Note that during the Anaconda installation, you will be asked to install either Python 2.7 or 3.7. Since the support for Python 2.7 ended on January 1, 2020, it would be advisable to select the 3.7 version. For a seamless installation, choose the graphical installer.

You will then be greeted with the following dialog box.

Select “Continue” tab and choose the appropriate install destination and you will finish installation in a short time.

All right, now we move on to the main event, i.e. Python Ta-lib installation. Ok, there is one small step you need to do before the main install.

Check if you can use the ‘brew’ command. For this tutorial on how to install Ta-Lib, let us assume that the ‘brew’ command throws an error. To rectify this, we install the necessary package by using the following line of code in the MacOS shell:

ruby -e "$(curl -fsSL"

If it is successful, you will see the following messages:

Of course, you will get a prompt which asks you to press “Return” to continue the installation or any other key to cancel the installation. If you are curious about the ‘brew’ command, you can always visit the following website to know more.

Great! Now that the brew command is installed, use the following code to install the Ta-Lib operating system dependencies:

brew install ta-lib

You will see the following screen

Now, we use the familiar command i.e. “pip” to install Ta-Lib on our MacOS. The command is as follows:

pip install ta-lib

You see the following files being installed on your system.

Great! We have been successful in our quest to install Ta-Lib on MacOS.

But how do we check if it is correctly installed on the system? Simple, we use the following commands.

First, we call the python language by simply writing “python” in the terminal. We then use the following command to import the Ta-Lib library.

import talib

If there is no error, then we should be able to see the following screen

Awesome! We have now been successful in installing Python Ta-Lib on both, Windows and MacOS. But can we really stop here? In the next section, we try a simple code using the Ta-Lib library.

Technical Indicators using Ta-Lib

We will first import the Python Ta-Lib library since we are using it to work out different indicators. Along with that, we use the python matplotlib to draw their graphs for analysis. Since we are going to be working on the stock prices, we will import the data from Yahoo Finance.

Thus, the code will be as follows:

import talib as ta
import matplotlib.pyplot as plt'bmh')
import yfinance as yf
aapl ='AAPL', '2019-1-1','2019-12-27')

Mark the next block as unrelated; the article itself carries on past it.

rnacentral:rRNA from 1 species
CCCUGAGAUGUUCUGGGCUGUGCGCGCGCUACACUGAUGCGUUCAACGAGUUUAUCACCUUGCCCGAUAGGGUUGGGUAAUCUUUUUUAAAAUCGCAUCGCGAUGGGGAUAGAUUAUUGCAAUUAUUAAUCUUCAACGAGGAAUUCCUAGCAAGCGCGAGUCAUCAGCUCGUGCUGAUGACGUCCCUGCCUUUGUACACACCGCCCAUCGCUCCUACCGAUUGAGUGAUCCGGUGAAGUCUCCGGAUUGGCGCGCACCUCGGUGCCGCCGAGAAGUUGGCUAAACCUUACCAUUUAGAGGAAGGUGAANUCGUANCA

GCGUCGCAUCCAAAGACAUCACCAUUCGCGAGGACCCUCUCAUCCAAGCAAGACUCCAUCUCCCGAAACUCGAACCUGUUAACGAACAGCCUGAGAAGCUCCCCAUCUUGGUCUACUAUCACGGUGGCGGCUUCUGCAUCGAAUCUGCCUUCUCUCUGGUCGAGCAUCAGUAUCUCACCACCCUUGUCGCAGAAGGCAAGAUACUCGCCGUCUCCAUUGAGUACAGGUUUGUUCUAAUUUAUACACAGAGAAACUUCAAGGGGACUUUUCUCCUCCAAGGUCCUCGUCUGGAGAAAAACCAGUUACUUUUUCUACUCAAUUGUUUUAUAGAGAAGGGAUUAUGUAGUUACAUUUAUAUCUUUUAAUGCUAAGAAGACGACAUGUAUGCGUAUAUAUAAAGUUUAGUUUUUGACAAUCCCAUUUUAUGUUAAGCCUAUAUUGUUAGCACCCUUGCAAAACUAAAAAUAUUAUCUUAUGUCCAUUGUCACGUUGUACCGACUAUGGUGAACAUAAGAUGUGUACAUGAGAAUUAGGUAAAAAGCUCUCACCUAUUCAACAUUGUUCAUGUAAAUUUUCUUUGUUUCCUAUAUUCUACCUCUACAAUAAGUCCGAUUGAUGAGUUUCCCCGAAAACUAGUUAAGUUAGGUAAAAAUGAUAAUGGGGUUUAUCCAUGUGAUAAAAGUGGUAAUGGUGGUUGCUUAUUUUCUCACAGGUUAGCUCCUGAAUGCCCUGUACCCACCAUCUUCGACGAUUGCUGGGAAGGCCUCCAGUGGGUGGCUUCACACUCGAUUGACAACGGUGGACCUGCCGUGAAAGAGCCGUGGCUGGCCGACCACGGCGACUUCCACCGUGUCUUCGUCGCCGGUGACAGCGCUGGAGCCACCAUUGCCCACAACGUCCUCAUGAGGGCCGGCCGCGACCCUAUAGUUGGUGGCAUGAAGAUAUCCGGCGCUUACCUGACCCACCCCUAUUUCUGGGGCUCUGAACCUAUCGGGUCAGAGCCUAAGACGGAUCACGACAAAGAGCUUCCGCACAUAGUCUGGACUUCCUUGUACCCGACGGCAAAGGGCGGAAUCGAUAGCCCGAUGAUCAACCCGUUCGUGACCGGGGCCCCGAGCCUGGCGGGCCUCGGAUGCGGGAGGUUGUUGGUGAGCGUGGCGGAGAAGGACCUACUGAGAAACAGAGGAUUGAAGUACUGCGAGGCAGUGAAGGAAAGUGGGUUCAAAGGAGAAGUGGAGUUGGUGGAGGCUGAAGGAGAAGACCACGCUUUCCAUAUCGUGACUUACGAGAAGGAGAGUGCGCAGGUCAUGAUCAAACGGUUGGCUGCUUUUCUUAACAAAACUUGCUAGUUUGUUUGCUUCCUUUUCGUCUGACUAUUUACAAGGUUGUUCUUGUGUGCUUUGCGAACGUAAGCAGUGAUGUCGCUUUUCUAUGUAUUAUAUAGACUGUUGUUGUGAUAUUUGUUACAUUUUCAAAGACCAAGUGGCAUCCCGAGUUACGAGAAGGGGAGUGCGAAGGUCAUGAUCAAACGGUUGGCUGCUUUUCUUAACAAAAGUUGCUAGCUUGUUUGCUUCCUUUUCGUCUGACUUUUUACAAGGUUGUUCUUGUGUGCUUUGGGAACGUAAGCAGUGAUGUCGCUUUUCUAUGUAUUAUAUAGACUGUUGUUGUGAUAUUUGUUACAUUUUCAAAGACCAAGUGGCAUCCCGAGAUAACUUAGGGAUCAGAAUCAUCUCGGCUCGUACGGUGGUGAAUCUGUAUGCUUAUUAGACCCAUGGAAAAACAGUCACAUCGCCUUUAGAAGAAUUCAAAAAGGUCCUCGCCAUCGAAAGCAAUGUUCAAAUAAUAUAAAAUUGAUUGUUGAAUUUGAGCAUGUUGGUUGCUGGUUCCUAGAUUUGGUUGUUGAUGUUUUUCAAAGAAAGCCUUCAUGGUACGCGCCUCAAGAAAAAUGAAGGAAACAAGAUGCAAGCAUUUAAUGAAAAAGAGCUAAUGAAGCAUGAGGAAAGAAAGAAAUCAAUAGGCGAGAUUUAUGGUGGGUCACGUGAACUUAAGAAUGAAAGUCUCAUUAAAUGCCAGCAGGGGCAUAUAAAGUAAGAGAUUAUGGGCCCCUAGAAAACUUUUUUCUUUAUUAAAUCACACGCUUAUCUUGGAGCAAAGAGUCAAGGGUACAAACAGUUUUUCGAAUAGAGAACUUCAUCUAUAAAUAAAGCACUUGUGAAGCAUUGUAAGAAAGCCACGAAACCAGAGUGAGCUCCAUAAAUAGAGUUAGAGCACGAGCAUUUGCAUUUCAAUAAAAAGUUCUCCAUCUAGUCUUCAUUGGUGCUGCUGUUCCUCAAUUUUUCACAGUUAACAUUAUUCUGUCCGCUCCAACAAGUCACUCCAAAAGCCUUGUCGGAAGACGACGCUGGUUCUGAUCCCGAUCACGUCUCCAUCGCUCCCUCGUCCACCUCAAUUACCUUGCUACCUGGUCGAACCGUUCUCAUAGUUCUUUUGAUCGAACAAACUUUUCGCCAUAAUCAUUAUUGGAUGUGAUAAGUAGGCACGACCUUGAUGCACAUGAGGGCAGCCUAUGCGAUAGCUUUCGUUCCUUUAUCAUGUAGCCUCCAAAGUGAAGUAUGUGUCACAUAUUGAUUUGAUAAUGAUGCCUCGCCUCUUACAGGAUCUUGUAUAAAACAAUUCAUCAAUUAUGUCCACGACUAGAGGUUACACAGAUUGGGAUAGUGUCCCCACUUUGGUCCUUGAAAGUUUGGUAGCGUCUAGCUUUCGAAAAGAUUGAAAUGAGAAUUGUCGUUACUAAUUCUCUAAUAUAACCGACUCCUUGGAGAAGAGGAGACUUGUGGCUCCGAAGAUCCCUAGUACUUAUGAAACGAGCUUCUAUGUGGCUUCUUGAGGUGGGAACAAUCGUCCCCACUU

In the above example, we have imported the stock price data of Apple from 1 January 2019 to 27 December 2019.

Let us start off with something simple. We will find the Simple Moving Average and the Exponential Moving Average of Apple stock data. We will use the following code:

aapl['Simple MA'] = ta.SMA(aapl['Close'],14)
aapl['EMA'] = ta.EMA(aapl['Close'], timeperiod = 14)
# Plot
aapl[['Close','Simple MA','EMA']].plot(figsize=(15,15))

The output is as follows:

That was simple, wasn’t it?

Recall that at the start of this tutorial on Installing Python Ta-Lib, we talked about Bollinger Bands. Well, let’s try that one now.

# Bollinger Bands
aapl['upper_band'], aapl['middle_band'], aapl['lower_band'] = ta.BBANDS(aapl['Close'], timeperiod =20)
# Plot

Wasn’t it easy? We are sure you are getting it but let us break down the line and see how Python Ta-Lib worked out the Bollinger Bands.

To create the Bollinger bands, we simply passed the Closing Price ie the “Close” column and defined a time period of 20 for the moving average. This is done using the “ta.BBANDS()” function. As the Bollinger bands consist of three bands, we store the data in the following three columns, “upper_band”, “middle_band” and “lower_band.

aapl['upper_band'], aapl['middle_band'], aapl['lower_band'] = ta.BBANDS(aapl['Close'], timeperiod =20)

Now, can you figure out from the code below, what are the parameters passed?

aapl['RSI'] = ta.RSI(aapl['Close'],14)

As a bonus, we plotted the Stochastic oscillators as well, the code is given below:

aapl['slowk'], aapl['slowd'] = ta.STOCH(aapl['High'], aapl['Low'], aapl['Close'], fastk_period=14, slowk_period=3, slowk_matype=0, slowd_period=3, slowd_matype=0)

aapl['fastk'], aapl['fastd'] = ta.STOCHF(aapl['High'], aapl['Low'], aapl['Close'], fastk_period=14, fastd_period=3, fastd_matype=0)

Phew! You can go ahead and check out the other indicators on the following website as well.


Thus, we have gone through the Tutorial on how to install Python Ta-Lib on Windows as well as MacOS. We have also found how to create a few technical indicators using Ta-Lib and plot them.